In this chapter we discuss implications of new knowledge about learning for the design of learning environments, especially schools. Learning theory does not provide a simple recipe for designing effective learning environments; similarly, physics constrains but does not dictate how to build a bridge (e.g., Simon, 1969). Nevertheless, new developments in the science of learning raise important questions about the design of learning environments—questions that suggest the value of rethinking what is taught, how it is taught, and how it is assessed. The focus in this chapter is on general characteristics of learning environments that need to be examined in light of new developments in the science of learning; Chapter 7 provides specific examples of instruction in the areas of mathematics, science, and history—examples that make the arguments in the present chapter more concrete.
We begin our discussion of learning environments by revisiting a point made in Chapter 1—that the learning goals for schools have undergone major changes during the past century. Everyone expects much more from today’s schools than was expected 100 years ago. A fundamental tenet of modern learning theory is that different kinds of learning goals require different approaches to instruction (Chapter 3); new goals for education require changes in opportunities to learn. After discussing changes in goals, we explore the design of learning environments from four perspectives that appear to be particularly important given current data about human learning, namely, the degree to which learning environments are learner centered, knowledge centered, assessment centered, and community centered. Later, we define these perspectives and explain how they relate to the preceding discussions in Chapters 1–4.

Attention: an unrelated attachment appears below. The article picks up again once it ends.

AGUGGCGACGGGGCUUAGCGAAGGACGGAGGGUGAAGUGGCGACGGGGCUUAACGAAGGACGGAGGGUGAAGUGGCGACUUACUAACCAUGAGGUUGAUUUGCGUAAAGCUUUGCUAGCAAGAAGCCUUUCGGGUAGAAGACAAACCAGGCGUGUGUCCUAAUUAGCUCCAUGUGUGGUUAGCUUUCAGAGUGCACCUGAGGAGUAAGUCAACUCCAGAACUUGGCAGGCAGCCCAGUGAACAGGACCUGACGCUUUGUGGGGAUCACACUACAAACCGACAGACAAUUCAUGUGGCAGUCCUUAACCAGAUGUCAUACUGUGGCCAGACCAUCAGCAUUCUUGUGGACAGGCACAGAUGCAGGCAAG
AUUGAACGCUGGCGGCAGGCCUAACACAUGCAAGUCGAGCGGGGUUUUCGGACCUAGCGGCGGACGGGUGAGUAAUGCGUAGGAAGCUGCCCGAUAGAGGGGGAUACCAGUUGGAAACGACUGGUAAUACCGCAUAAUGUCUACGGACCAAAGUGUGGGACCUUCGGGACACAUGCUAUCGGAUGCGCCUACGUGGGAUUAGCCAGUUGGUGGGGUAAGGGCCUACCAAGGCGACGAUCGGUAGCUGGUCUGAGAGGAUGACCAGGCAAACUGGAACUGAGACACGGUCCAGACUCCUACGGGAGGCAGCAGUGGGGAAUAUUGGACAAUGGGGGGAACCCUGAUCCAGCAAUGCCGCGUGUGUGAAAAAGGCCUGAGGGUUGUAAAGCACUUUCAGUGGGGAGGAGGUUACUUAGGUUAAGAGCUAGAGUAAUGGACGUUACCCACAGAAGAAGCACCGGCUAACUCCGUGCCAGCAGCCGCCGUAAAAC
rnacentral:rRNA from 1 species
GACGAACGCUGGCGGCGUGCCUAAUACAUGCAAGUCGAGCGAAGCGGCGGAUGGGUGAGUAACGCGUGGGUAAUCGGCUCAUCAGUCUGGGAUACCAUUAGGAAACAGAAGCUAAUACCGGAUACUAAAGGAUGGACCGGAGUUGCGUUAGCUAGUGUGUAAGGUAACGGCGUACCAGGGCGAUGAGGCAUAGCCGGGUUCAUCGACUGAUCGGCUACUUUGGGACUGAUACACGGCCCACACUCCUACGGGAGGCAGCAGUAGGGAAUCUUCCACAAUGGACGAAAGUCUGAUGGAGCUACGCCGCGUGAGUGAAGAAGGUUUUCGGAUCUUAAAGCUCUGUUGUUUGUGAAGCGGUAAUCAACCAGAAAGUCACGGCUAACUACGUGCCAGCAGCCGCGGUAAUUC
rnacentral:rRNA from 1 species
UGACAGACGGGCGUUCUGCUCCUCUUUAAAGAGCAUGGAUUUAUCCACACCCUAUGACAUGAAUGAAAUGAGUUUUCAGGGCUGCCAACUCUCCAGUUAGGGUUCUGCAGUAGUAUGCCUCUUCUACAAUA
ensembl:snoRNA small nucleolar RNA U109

As discussed in Chapter 1, educational goals for the twenty-first century are very different from the goals of earlier times. This shift is important to keep in mind when considering claims that schools are “getting worse.” In